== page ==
TL;DR – He urged everyone not to be overly pessimistic and praised Singapore for its precautionary measures.
The post comes after some Chinese netizens were seen berating and criticizing Singapore’s approach in preventing and controlling the Covid-19 situation under a particular Weibo post on @新加坡眼.
Responding to the criticisms, Du wrote:
“On the whole, although the scale of preventive measures in which Singapore has undertaken is much smaller than that of China’s, it is already considerably well planned and organised. After all, apart from China, most countries do not encourage people to wear a mask.
Theoretically, since Singapore has already imposed a travel ban on Chinese travellers, and as long as Permanent Resident (PR)/work pass holders from mainland China can abide by the 14-day Leave of Absence (LOA) requirements while the authorities conduct investigations to trace close contacts of the current patients, there shouldn’t be any broader community spread in Singapore.
But of course, these are just theories and there exists the possibility of these theories being refuted.
While I can understand why netizens on Weibo are extremely concerned, since you may have more information about the epidemic in China than the general public in Singapore, however, in my opinion, there is no need to be too blindly pessimistic.”
He then continued his post, detailing his quarantine experience at the NCID.
Here’s a translation of Du’s quarantine experience in full:
Since arriving in Singapore from Hang Zhou on Jan 30, I’ve been afraid of being a carrier of the virus and bringing the virus to Singapore.
On Feb 7, I went to bed at 5am after learning the news about Dr Li Wenliang.
I woke up at 10am and my body temperature was normal then. But I had this unsettling feeling about my racing heartbeat, and I was experiencing shortness of breath.
After contemplating for half an hour and speaking to my friend who’s a doctor, I decided to make a trip to the hospital for an X-ray.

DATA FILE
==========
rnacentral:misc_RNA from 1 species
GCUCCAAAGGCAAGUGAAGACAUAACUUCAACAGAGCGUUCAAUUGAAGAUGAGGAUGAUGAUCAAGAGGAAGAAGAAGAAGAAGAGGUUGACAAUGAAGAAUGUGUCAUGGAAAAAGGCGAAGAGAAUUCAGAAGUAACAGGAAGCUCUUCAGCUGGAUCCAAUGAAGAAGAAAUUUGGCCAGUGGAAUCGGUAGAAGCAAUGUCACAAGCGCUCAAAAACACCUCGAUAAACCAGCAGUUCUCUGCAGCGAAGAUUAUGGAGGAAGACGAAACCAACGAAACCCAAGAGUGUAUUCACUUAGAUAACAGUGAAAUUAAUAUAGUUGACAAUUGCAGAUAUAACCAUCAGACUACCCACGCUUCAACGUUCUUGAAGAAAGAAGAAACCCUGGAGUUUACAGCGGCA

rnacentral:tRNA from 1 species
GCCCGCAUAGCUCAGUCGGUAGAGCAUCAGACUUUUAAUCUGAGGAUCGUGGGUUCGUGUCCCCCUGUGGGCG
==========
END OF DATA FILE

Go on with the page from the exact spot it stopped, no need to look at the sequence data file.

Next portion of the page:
For a peace of mind, and also because I thought to myself, “Health comes first.”
Upon arriving at the hospital, I was immediately assigned to the “high-risk” group because of my recent travel history to the Zhejiang Province.
After going through a series of inspections and questions, and also because I have “a recent travel history to Zhejiang Province, shortness of breath, and a heart rate of 120 (now that I think about it, it might be because I was scared at that point of time)”, I was… forced to be warded in an isolation room.
Even though my lungs were completely normal, and I had no fever.
I was warded in NCID’s negative-pressure room for two nights.
After two negative nucleic acid tests, and after I had my temperature, heart rate and blood pressure taken once every four hours, my heart rate and breathing were back to normal.
I was finally discharged on Feb 9, noon.
During this period of time, my emotions were mixed.
On the one hand, I thought I asked for trouble myself since I went to the hospital on my own accord, and in a way, I have also wasted the medical resources.
However, at the same time, I was very thankful to be treated by such high standard medical facilities. I can’t help but to feel bad whenever I think about the people in Hubei.
In any case, I just hope this epidemic will end soon. Press on Hubei!
And in terms of the current situation, personally, I feel that the Ministry of Health (MOH) has been very organised. Therefore, I hope that people will not be too worried, and try to wear a mask when visiting crowded places.
PS: Thank you to all healthcare workers!
9 have fully recovered from the virus
As of Feb 11, the number of confirmed Covid-19 cases in Singapore is at 47.
This number may seem relatively high, but let’s also not forget that the number of recovery cases has also increased, with nine fully recovered from the virus. The number of recovery cases should gradually rise over the next few days too.
Like what Du stressed in his Weibo post, let us not be too overly pessimistic about the situation and have faith in our medical team.
That being said, even if the situation may get worse before it can get better as the authorities comb through the web of contact tracing to weed out all the possible cases, we should be confident that together, we can overcome this.
We’ve done this before, and we will survive this again.